The local effect of some antibiotics has been shown to be toxic to the sensory cells of the inner ear. However, little work has been done to study the toxic effect of antibiotics on the olfactory mucosa. The purpose of the present paper is to demonstrate histological changes in the olfactory mucosa of the mouse by use of various antibiotics. The antibiotics used in this experiment were Kanamycin sulphate (KM), Streptomycin sulphate (SM), Crystalline Penicillin G potassium (PC-G) and Cephalothin Na (CET). Moreover, four antibiotics were given either by locally or intramuscularly without anesthesia. The results were as follows: 1) Intramuscular administration The most severe changes were observed in the olfactory mucosa after administration of KM. The olfactory epithelium showed thickness and slight irregularity on the surface. The olfactory nerve underwent severe degeneration and disappeared. Moreover, a decrease in the number of the olfactory cilia, and swelling or separation of the cytoplasm were observed. After administration of SM however, the degeneration was slight. No changes were detected after administration of PC-G or CET. 2) Local administration The changes in the olfactory mucosa were greater than those of the systemic administration. After administration of either KM or SM, about 50% of the olfactory epithelium were denuded. Moreover, the olfactory vesicles, olfactory cilia, and microvilli were disappeared. The olfactory nerve also underwent degeneration and disappeared. However, the degeneration was slight after the administration of PC-G and CET. After administration of KM and SM (aminoglucoside antibiotics) histological changes of the olfactory mucosa were prominent. In Summary, the author suggested that the olfactory disorder might result from the administration of aminoglucoside antibiotics.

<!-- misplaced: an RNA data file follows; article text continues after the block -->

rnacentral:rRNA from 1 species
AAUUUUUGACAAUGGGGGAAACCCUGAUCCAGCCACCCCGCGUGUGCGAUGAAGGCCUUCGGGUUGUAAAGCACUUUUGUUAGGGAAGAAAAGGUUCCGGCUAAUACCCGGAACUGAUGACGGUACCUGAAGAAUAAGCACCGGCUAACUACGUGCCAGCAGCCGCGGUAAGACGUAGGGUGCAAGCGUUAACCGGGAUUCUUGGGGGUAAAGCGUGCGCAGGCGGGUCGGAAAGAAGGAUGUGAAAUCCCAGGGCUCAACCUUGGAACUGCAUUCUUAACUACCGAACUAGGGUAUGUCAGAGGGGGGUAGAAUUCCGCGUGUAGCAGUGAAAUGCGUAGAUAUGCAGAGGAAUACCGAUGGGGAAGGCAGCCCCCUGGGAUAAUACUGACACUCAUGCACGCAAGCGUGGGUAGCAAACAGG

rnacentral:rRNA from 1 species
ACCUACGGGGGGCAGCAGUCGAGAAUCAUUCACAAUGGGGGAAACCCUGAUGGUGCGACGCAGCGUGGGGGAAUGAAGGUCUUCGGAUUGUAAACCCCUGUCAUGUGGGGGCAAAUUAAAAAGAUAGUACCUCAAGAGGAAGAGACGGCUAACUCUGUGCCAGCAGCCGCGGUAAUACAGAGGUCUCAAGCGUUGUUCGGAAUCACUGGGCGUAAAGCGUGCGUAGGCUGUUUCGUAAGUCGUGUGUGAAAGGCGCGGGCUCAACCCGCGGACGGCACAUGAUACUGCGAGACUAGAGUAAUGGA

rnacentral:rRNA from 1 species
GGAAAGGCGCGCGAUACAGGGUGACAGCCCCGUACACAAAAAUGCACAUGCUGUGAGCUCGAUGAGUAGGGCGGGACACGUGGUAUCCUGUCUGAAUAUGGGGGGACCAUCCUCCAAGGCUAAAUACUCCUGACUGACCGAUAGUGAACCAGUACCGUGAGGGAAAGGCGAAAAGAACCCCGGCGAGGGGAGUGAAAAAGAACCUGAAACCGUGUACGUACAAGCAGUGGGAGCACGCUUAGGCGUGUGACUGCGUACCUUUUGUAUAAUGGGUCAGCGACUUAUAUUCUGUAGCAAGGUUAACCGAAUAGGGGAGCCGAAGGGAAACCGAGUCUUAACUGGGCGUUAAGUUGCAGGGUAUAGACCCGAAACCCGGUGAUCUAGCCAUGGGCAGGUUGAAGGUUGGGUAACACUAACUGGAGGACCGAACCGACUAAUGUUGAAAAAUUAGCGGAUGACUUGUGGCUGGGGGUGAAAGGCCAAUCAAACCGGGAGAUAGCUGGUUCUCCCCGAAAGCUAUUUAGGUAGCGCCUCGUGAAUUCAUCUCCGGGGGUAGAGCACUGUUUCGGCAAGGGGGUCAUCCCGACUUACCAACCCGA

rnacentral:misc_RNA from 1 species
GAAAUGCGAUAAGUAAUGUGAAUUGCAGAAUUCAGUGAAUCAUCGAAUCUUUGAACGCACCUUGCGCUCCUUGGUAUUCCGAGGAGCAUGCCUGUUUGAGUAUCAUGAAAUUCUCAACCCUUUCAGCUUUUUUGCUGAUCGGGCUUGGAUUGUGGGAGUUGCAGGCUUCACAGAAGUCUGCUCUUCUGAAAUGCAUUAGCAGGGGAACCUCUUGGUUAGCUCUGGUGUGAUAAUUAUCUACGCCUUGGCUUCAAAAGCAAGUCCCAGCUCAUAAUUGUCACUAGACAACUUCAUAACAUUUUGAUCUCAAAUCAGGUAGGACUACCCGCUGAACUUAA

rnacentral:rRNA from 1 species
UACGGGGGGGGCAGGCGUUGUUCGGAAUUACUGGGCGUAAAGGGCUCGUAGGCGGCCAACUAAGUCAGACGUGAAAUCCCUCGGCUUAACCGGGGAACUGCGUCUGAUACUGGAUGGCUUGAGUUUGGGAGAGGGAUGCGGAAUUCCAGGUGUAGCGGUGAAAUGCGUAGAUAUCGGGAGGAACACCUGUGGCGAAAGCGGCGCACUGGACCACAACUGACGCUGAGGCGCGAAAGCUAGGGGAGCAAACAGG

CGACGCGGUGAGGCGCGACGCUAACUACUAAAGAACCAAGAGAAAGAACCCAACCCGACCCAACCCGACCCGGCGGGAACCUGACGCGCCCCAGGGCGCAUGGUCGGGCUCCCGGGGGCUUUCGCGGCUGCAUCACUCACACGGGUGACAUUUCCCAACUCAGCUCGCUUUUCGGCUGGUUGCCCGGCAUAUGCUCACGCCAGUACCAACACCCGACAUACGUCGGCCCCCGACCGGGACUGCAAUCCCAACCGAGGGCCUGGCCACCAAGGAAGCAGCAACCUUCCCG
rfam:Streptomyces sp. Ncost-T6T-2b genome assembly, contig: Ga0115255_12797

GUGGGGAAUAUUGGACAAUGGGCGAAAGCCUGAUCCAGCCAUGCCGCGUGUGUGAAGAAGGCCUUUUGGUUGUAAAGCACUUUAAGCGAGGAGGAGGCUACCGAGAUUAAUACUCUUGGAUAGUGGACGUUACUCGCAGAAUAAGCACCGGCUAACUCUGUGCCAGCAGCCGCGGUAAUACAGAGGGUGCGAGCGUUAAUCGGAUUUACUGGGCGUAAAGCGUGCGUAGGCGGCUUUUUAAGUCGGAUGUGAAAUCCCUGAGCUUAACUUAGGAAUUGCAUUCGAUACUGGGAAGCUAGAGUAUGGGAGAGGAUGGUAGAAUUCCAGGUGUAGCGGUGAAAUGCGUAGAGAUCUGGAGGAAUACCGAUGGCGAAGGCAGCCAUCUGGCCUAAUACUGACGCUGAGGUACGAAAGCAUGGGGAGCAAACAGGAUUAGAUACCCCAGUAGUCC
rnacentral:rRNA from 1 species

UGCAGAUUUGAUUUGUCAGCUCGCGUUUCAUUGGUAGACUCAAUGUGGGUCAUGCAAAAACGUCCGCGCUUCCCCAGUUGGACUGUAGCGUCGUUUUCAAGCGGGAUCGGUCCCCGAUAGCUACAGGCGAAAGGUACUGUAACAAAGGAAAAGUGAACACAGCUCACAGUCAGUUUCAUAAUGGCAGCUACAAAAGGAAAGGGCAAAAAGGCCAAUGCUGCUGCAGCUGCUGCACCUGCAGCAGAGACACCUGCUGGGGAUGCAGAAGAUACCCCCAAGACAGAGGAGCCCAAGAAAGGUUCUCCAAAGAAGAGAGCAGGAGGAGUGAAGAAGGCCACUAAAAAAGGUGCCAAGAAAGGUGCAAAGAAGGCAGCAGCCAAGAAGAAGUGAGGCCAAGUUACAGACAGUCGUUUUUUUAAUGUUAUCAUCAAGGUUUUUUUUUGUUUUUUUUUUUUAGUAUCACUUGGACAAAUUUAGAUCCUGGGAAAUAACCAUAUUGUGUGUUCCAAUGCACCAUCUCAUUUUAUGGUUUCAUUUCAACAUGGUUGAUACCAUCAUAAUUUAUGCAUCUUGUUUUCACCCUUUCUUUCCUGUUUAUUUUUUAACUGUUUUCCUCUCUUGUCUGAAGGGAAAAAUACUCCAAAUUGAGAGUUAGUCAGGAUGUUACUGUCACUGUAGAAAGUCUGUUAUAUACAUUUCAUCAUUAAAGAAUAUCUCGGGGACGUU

The purpose of this study is to investigate the contractility of the nasal mucous membrane in the presence of epinephrine and the hypersensitiveness of the nasal mucous membrane towards acetylcholine in patients with nasal allergies. Comparative investigations were also conducted between the above subjects and subjects with normal nasal mucous membranes by measuring the nasal breathing resistance in order to detect whether it is a useful measuring tool in diagnosing hypersensitivity of the upper respiratory tract. The results of this investigation revealed that there was a significant difference in the rise of nasal breathing resistance in the acetylcholine induced nasal mucous membrane tests between normal patients and those with nasal allergies. However, a test investigating the contractility of the nasal mucous membrane through epinephrine spraying failed to differentiate between the nasal allergy and the normal nasal mucous membrane.
The main objectives of the conservative treatment of chronic sinusitis include: 1. evacuation of rhinorrhea, 2. opening of the natural ostium and 3. improvement of nasal respiration. In order to attain the above results, the following conservative means are available: a. periodical nose-blowing, b. use of nasal application, c. nasal spray, d. nasal drops, e. aspiration, f. nasal irrigation, g. aerosol therapy, h. Proetz's displacement method, i. antral puncture and irrigation, j. submucosal injections, k. oral medication and 1. muscular injections. The author discusses advantages of each method and the drugs to be used for effective treatment results in chronic sinusitis without resorting to surgical intervention.